The early 1950s were key, pivotal years in Chadwick's career. His first one-man show with Gimpel Fils had taken place in 1950, he had been commissioned to make two large pieces for the Festival of Britain, his maquette had won an honourable mention in the Unknown Political Prisoner Competition and in 1952 he had been selected, along with seven other young sculptors, to represent Great Britain at the 26th Venice Biennale in 1952.
It was at this time that he began developing a new technique for his sculptures. Using a web of welded rods to create a framework, the interstices of this web was filled with 'Stolit', an industrial artificial stone compound of gypsum and iron powder, which was applied wet like plaster, setting glass-hard. This could then be worked on, coloured or left to weather.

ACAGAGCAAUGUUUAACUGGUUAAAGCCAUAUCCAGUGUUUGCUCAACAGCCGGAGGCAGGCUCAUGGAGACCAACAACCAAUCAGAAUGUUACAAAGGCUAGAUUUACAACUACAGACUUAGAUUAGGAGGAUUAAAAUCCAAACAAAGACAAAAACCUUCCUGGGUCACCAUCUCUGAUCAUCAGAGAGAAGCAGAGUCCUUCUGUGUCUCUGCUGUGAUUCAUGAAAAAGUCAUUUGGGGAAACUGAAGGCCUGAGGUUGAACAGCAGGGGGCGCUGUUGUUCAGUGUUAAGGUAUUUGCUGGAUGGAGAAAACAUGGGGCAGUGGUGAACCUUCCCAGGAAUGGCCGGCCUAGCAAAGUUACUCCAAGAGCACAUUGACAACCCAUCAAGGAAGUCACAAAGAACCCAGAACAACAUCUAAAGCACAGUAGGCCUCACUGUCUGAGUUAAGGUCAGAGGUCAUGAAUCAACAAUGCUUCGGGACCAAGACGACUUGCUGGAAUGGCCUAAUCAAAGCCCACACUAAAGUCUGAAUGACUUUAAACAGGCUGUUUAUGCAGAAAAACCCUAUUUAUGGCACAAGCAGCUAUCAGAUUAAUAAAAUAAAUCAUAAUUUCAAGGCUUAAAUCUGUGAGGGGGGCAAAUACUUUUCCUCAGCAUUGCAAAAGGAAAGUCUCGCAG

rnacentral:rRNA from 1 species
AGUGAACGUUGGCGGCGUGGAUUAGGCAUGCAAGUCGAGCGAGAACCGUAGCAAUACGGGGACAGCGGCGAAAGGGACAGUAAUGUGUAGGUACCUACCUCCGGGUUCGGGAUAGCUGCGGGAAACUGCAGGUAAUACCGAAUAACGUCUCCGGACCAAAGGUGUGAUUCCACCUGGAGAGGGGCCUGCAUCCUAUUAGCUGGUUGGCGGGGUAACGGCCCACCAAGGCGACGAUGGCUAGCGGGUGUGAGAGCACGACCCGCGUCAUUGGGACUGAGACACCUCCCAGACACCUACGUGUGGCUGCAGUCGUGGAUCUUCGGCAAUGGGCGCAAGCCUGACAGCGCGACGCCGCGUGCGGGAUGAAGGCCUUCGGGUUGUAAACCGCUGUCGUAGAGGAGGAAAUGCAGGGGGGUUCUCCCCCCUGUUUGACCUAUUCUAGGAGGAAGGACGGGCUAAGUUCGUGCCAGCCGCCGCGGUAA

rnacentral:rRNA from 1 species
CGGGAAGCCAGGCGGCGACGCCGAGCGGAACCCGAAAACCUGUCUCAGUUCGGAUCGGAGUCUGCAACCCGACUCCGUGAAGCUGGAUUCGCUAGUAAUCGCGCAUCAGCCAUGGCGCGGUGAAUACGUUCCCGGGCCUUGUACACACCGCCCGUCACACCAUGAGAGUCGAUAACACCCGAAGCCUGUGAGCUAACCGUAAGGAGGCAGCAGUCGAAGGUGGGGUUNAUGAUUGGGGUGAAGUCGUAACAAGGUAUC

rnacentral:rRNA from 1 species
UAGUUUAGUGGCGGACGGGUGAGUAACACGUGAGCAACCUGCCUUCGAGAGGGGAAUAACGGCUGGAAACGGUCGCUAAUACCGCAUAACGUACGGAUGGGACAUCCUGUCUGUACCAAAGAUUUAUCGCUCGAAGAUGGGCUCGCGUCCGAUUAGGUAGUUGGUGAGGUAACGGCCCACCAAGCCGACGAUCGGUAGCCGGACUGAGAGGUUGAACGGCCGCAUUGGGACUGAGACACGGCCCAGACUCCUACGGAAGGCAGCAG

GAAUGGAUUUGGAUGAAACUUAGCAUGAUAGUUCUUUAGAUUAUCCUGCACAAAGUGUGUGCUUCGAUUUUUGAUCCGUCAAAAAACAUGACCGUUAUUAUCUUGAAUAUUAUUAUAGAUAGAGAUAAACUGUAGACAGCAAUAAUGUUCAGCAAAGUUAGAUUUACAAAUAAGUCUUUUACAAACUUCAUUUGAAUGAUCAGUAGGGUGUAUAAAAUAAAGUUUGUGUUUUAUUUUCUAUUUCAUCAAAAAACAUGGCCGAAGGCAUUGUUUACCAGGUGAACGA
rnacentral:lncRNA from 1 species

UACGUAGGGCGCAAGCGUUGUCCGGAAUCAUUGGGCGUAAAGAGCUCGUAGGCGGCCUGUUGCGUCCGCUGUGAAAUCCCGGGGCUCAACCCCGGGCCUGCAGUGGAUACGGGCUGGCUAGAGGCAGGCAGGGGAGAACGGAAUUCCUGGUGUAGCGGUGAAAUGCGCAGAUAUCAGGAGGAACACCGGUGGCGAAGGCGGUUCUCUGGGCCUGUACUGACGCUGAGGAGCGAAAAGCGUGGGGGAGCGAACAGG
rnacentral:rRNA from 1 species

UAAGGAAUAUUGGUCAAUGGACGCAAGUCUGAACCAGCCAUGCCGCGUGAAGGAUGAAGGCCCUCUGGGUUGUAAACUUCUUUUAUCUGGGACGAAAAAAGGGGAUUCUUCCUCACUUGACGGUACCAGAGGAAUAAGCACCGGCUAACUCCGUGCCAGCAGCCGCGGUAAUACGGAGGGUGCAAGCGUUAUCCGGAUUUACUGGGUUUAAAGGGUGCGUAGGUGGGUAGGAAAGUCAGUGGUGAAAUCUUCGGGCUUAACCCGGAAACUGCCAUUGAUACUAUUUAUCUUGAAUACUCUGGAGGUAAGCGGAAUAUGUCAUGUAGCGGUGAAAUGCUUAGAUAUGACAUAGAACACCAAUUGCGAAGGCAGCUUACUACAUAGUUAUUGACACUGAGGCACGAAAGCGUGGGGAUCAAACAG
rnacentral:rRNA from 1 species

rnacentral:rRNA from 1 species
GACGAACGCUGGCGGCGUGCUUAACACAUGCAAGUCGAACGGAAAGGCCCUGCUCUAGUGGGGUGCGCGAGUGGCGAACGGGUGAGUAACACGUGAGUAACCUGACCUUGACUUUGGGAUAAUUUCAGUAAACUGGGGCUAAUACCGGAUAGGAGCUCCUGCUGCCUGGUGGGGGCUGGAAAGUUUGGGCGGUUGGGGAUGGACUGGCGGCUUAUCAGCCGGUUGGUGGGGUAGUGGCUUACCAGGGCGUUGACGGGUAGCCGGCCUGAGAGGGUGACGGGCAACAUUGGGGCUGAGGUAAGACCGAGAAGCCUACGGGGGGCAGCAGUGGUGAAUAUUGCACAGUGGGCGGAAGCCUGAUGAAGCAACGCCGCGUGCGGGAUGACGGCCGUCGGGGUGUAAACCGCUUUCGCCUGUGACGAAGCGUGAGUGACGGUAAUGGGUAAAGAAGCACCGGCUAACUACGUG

The subject matter of these early pieces were abstract shapes supported on legs which began to acquire movement, suggesting birds, animals or human figures. The Two Dancing Figures series seem to gain a frenetic expressiveness from the angles of their bodies. Their arms are truncated giving more definition to their shoulders and their heads are reduced to two spikes. The present work is recorded only as a sketch in the catalogue raisonné (fig. 1), two full-size bronze figures were produced, one is in the collection of Bruce Museum of Arts and Sciences, Connecticut, USA (op. cit., p. 9). The full-size iron and composition Two Dancing Figures was sold in these rooms on 1 July 1998, lot 21, £210,500.